A-frame houses have an average price of $69 per square foot, with homeowners paying anywhere from $13 to $125 per square foot. The large price range is because some A-frame kits are available for those with a tight budget and, at the other end of the scale, high-end materials and finishing products quickly escalate the cost.
Building an A-frame house is comparatively simple and inexpensive than building a more traditional home. A-frame properties, as the name implies, are triangular-shaped homes, so are exceptionally strong and a popular choice in areas prone to storms.
Barndominiums cost $20 to $85 per square foot, with an average price of $52.50 per square foot. While these can be converted barns, many barndominiums are entirely new constructions. They're essentially large, usually metal, buildings with lots of open plan space, particularly in the kitchen, dining, and living areas. They also combine a workspace or shop and living space within the same structure. Some people even incorporate stables into their barndominium structure.
While there are plenty of advantages to metal homes, there are a few drawbacks, too, meaning they're not the best choice for everyone.
Easily upgradable and extendable;
Metal homes have lower insurance costs;
New metal homes generally have a minimum of a 20-year warranty
Lengthy planning permission and construction timeline;
Budget-friendly metal homes don't have the same look as more traditional homes;
Kits afford less customization
As many as half of metal homebuyers do the installation themselves, but it’s not always a good idea. This is an extremely complicated project with a high degree of risk for damage and injury. Most people find it easier to hire a professional to do the job. Before you start contacting general contractors near you, be sure to:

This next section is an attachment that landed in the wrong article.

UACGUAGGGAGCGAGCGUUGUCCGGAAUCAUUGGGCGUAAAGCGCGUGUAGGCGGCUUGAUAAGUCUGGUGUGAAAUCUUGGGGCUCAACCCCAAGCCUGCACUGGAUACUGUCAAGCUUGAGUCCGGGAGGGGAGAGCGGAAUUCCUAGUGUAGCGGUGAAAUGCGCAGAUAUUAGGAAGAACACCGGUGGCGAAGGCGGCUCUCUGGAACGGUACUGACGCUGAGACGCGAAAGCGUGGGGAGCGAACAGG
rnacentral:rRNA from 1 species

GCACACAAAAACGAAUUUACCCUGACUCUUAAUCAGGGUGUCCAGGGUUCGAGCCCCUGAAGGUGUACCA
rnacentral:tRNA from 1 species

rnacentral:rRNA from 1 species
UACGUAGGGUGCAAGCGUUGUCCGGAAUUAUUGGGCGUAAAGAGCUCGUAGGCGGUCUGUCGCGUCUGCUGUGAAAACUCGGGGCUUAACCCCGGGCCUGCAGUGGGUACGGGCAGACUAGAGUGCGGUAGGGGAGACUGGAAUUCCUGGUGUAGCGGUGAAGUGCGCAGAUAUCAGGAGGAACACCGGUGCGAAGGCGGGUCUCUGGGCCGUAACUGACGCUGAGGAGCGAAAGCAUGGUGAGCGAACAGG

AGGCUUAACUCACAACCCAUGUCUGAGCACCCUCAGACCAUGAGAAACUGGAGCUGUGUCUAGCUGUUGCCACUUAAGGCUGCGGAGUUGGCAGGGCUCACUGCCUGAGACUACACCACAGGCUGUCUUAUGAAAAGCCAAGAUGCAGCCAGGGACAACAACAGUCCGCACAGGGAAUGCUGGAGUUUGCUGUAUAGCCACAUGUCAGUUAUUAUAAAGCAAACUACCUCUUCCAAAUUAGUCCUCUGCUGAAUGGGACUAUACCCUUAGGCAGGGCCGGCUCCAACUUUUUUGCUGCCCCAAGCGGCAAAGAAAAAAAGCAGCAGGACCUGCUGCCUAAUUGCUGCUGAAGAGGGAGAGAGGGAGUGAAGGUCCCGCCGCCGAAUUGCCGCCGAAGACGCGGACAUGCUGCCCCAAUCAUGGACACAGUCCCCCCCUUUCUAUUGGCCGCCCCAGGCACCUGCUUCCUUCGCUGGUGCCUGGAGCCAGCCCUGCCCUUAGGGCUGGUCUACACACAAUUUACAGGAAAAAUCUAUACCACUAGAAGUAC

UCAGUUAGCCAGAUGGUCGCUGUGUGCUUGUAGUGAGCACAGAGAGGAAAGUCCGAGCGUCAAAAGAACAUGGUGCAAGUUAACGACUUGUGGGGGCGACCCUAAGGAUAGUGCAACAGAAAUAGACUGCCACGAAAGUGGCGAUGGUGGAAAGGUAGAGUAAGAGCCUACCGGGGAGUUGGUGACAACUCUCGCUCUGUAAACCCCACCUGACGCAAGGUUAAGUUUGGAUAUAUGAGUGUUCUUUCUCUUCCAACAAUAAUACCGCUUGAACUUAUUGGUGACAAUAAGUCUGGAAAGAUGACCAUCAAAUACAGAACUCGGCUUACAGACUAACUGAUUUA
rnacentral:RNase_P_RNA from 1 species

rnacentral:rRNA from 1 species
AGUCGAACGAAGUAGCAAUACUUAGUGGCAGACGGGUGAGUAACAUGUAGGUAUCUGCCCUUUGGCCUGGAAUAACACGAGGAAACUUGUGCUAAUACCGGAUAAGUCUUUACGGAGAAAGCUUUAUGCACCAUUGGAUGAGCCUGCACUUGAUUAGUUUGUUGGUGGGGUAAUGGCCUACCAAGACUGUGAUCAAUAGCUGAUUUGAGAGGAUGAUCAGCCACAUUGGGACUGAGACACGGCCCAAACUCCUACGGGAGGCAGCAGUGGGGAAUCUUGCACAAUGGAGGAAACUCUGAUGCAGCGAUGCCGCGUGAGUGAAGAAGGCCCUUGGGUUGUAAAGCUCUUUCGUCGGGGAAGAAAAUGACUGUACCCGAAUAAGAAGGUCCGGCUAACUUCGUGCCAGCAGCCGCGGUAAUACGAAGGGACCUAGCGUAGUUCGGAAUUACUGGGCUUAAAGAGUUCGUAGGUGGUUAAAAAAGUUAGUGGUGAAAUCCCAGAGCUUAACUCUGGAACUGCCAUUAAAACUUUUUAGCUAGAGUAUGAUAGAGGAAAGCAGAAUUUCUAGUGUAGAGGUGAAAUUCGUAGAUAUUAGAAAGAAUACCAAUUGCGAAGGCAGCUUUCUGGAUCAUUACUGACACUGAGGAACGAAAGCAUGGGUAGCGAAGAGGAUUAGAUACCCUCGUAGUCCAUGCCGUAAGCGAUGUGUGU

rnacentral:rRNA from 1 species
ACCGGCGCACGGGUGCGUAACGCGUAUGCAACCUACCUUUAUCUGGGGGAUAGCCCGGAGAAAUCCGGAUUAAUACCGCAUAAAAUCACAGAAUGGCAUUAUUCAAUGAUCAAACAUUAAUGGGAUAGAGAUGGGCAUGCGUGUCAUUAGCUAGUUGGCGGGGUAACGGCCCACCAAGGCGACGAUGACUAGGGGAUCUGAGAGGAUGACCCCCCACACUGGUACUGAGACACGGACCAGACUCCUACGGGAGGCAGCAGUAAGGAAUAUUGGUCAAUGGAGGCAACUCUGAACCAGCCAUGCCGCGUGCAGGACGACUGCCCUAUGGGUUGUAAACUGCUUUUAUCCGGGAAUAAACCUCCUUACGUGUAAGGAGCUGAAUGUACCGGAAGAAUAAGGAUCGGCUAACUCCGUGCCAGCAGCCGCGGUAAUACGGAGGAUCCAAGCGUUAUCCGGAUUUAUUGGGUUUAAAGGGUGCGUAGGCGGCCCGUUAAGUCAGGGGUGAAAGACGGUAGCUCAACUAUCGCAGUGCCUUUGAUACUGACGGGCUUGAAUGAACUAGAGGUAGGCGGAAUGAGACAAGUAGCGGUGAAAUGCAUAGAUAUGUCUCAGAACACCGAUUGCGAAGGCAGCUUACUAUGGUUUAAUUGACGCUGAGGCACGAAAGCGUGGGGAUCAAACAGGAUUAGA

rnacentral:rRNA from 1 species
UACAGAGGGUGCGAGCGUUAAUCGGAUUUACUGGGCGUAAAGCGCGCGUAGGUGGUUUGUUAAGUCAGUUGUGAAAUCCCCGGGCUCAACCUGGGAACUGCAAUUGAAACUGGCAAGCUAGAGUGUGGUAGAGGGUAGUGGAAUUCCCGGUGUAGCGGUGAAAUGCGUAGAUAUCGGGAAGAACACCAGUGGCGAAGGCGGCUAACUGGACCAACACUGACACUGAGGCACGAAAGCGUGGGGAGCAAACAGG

Determine the size and features you want in the home.
Set a timeline for when you want construction completed.
Read ratings and reviews.
Generally, using a metal home kit costs less than electing to build a custom metal home. Additional costs associated with building a custom home include material sourcing, hiring an architect to create plans, and accounting for fluctuations in the cost of supplies. Building your own custom house gives you greater flexibility, but will likely cost you more.
Metal building kits are a type of prefabricated or modular house. Modular homes cost $100 to $200 per square foot, which is higher because it includes assembly and other services like a foundation or HVAC. A metal home kit gives you everything you need to build the basic structure of your home on-site, but it doesn't include the finishing touches.
With proper installation, metal building homes are often safer than houses with a wood frame. They are less likely to burn in a fire which will help bring down insurance costs. Additionally, some, like rigid frame houses, are built to withstand weight and weather in at least one direction. Dome-like Quonset huts and angular A-frame houses resist wind, storm, and potentially seismic damage. You can also get some of the safety benefits, such as impact resistance, on an existing property by adding metal siding, which costs $1 to $35 per square foot.
At $74,000 to $240,000, a metal house is more affordable than the $165,000 to $480,000 you’ll pay to build a wood-frame home. The cost depends heavily on the type and size of house you plan to build, the quality of the materials and the finish you choose, and your location. Additionally, tackling some of the jobs yourself, such as hanging drywall, painting, and other finishing jobs can help bring down the costs of building your own house, whether it's from wood, metal, or brick.
Building a shipping container house can cost as little as $30,000, depending on the services you want. Because shipping containers are designed to be transported on a cargo ship and also on traditional roads, they are very narrow (under 8 feet), so homeowners need to combine containers or be creative with the layout of the living space.